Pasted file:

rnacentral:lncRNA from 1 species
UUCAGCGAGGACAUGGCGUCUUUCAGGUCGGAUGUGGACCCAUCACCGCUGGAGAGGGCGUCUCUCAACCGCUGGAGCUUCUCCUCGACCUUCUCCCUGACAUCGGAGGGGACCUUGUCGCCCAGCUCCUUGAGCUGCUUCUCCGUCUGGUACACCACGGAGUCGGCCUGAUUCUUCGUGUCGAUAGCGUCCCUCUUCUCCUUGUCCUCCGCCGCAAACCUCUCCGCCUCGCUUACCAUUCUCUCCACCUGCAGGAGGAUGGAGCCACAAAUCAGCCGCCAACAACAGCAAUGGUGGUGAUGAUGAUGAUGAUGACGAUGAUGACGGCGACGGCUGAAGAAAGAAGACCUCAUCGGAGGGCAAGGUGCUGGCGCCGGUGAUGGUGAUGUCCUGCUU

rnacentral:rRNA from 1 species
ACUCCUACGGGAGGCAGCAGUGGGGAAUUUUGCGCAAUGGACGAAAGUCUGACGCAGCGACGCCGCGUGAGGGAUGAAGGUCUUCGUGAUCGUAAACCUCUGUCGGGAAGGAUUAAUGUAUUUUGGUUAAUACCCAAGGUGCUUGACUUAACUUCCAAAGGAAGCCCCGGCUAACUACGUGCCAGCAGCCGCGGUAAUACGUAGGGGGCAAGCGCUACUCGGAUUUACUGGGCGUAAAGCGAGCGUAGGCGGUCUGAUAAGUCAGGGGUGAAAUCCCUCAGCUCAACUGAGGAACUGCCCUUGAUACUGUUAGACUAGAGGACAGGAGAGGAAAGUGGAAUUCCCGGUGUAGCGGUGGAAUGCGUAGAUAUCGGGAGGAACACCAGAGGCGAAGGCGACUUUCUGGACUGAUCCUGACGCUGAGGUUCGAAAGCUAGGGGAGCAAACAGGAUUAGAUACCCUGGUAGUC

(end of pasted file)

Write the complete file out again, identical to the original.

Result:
rnacentral:lncRNA from 1 species
UUCAGCGAGGACAUGGCGUCUUUCAGGUCGGAUGUGGACCCAUCACCGCUGGAGAGGGCGUCUCUCAACCGCUGGAGCUUCUCCUCGACCUUCUCCCUGACAUCGGAGGGGACCUUGUCGCCCAGCUCCUUGAGCUGCUUCUCCGUCUGGUACACCACGGAGUCGGCCUGAUUCUUCGUGUCGAUAGCGUCCCUCUUCUCCUUGUCCUCCGCCGCAAACCUCUCCGCCUCGCUUACCAUUCUCUCCACCUGCAGGAGGAUGGAGCCACAAAUCAGCCGCCAACAACAGCAAUGGUGGUGAUGAUGAUGAUGAUGACGAUGAUGACGGCGACGGCUGAAGAAAGAAGACCUCAUCGGAGGGCAAGGUGCUGGCGCCGGUGAUGGUGAUGUCCUGCUU

rnacentral:rRNA from 1 species
ACUCCUACGGGAGGCAGCAGUGGGGAAUUUUGCGCAAUGGACGAAAGUCUGACGCAGCGACGCCGCGUGAGGGAUGAAGGUCUUCGUGAUCGUAAACCUCUGUCGGGAAGGAUUAAUGUAUUUUGGUUAAUACCCAAGGUGCUUGACUUAACUUCCAAAGGAAGCCCCGGCUAACUACGUGCCAGCAGCCGCGGUAAUACGUAGGGGGCAAGCGCUACUCGGAUUUACUGGGCGUAAAGCGAGCGUAGGCGGUCUGAUAAGUCAGGGGUGAAAUCCCUCAGCUCAACUGAGGAACUGCCCUUGAUACUGUUAGACUAGAGGACAGGAGAGGAAAGUGGAAUUCCCGGUGUAGCGGUGGAAUGCGUAGAUAUCGGGAGGAACACCAGAGGCGAAGGCGACUUUCUGGACUGAUCCUGACGCUGAGGUUCGAAAGCUAGGGGAGCAAACAGGAUUAGAUACCCUGGUAGUC